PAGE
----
In the present study, the intra-relation of gene expression was reconstructed from inter-relation between miRNA and gene expression for prediction of short-term/long-term survival of GBM patients in order to provide a preliminary insight on the question that is how informative inter-relationship between miRNA and gene expression is when different levels of genomic dataset and valid genomic knowledge are available. Based on our results, the accuracy of our predictive model increases because of incorporation of information fused over genomic dataset from gene expression and genomic knowledge from inter-relation between miRNA and gene expression. New evidence suggests that genomic knowledge is complementary to the prediction power of explaining cancer phenotype even though biological experimental data such as gene expression has incomplete information. In addition, our finding suggests that the utilization of external knowledge representing miRNA-mediated regulation of gene expression is substantially useful for elucidating the cancer phenotype since miRNAs regulate many genes associated with different biological processes such as development, stress response, apoptosis, proliferation, and tumorigenesis.
The present study underpins our on-going work. It is expected that the next attempt will be more focused on how to utilize the information from 'intra-relation', the relation between different levels: from the genome level to epigenome, transcriptome, proteome, and further stretched to the phenome level. There might be other possible intra-relations between different layers of genomic data such as 'copy number alteration region - genes located in the alteration region,' 'DNA methylation site - specific genes regulated by promoter regions,' etc. Thus, when integrating multi-levels of genomic data, it might be valuable that a framework will be capable of containing the inter-relationships between genomic features belonging to different layers of the biological system as genomic knowledge. Even though this study is limited to the prediction of short-term/long-term survival in GBM as a base task, the proposed framework can be applied to other cancer types or other clinical outcomes such as grade, stage, metastasis, etc. In addition, we could apply the proposed method to another layer of 'intra-relation' based on miRNA expression profiles together with 'intra-relation' between mRNAs.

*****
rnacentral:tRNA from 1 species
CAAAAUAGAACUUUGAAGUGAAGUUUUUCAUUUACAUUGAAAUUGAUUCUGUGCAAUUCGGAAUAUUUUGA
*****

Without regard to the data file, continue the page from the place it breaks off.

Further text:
Recently, TCGA has been generating the additional cancer genomic data for about 20 to 25 tumor types as the second phase of the project. With abundance in different types of genomic, clinical data and valid genomic knowledge, our proposed framework will be valuable for explaining the underlying tumorigenesis, eventually leading to more effective screening strategies and therapeutic targets in many types of cancer.
This work was supported by the National Research Foundation of Korea (NRF) grant funded by the Korea government (MSIP) (No. 2010-0028631). DK's education grant was supported by the Ministry of Health and Welfare (A112020) and by the National Research Foundation of Korea (NRF) funded by the Ministry of Science, ICT & Future Planning (No. 2012M3A9D1054622). HS would like to gratefully acknowledge support from the National Research Foundation of Korea (NRF) grant funded by the Korea government (MSIP) (No. 2013R1A1A3010440/2010-0028631). In addition, we gratefully acknowledge the TCGA Consortium and all its members for the TCGA Project initiative, for providing samples, tissues, data processing and making data and results available.
The publication cost for this work was supported by the National Research Foundation of Korea (NRF) grant funded by the Korea government (MSIP) (No. 2010-0028631).
This article has been published as part of BMC Systems Biology Volume 7 Supplement 3, 2013: Twelfth International Conference on Bioinformatics (InCoB2013): Systems Biology. The full contents of the supplement are available online at http://www.biomedcentral.com/bmcsystbiol/supplements/7/S3.